It’s vital that you understand how musical keys work, as this helps every other element in your guitar playing.
Everything in music can be related back to the major scale.
The Major Scale
The major scale forms the foundation of guitar theory.
For today’s example, we’re going to use the major scale in the key of C.
The notes in a C major scale are:
Each of the notes in a C major scale represents a chord.
In a major key, you’ll only ever going to have major, minor and diminished chords.
Notes 1, 4 and 5 of the major scale represent major chords.
Notes 2, 3 and 6 represent minor chords.
Note 7 represents the diminished chord.
Therefore in the key of C, the major chords are:
We can harmonise each of these chords to turn them into 7 chords.
Chords 1 and 4 are major 7 chords.
Chord 5 is a dominant 7.
Chords 2, 3 and 6 are minor 7 chords.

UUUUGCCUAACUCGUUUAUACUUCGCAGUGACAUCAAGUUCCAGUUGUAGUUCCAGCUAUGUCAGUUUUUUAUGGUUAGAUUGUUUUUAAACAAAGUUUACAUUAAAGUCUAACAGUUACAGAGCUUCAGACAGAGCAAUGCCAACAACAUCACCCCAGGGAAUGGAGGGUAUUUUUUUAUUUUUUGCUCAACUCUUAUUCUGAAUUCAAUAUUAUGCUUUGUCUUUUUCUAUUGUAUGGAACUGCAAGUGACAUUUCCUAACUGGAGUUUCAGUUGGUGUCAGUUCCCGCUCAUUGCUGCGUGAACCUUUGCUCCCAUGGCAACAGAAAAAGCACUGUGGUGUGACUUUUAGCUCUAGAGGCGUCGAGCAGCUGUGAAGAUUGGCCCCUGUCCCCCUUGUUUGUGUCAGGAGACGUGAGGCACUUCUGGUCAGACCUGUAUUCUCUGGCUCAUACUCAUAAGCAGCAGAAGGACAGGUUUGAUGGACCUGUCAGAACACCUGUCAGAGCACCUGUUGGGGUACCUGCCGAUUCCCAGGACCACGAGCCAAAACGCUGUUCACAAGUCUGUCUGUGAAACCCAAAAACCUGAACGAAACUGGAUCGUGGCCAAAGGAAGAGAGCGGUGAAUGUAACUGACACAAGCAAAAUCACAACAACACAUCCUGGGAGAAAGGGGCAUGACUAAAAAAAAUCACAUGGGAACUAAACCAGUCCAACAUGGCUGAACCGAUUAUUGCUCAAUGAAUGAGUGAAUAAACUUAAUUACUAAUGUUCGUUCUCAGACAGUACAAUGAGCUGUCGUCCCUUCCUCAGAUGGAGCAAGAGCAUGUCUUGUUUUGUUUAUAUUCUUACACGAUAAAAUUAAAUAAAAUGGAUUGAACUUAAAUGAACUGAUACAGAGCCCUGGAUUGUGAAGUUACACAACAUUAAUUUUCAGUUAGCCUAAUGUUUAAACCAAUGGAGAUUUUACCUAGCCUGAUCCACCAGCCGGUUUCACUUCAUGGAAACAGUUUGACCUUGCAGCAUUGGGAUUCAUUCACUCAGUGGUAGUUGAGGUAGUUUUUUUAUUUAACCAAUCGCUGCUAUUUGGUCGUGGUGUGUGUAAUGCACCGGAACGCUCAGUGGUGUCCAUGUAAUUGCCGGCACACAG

Therefore in the key of C you have.
- I – C Major 7
- ii – D Minor 7
- iii – E Minor 7
- IV – F Major 7
- V – G7
- vi – A Minor 7
- vii – B Minor 7 b5
Scales in the key of C Major
Most people think that there is only one scale in the key of C major.
However there are 7.
For each note of the C major scale, there is a scale which represents it.
These are known as modes.
Here are each of the modes in the C major scale :
- C Major
- D Dorian
- E Phrygian
- F Lydian
- G Mixolydian
- A Aeolian
- B Locrian
Each of these are ALL have the same notes as the C major scale. However, each scale starts on a different degree of the scale.
Don’t worry too much each mode, for now just learn :
- The C Major Scale.
- D Dorian
- G Mixolydian
- A Aeolian.
Once you learn these scales, try and use them in a musical context.
This is the fastest way to learn guitar scales.
Why is this useful to know?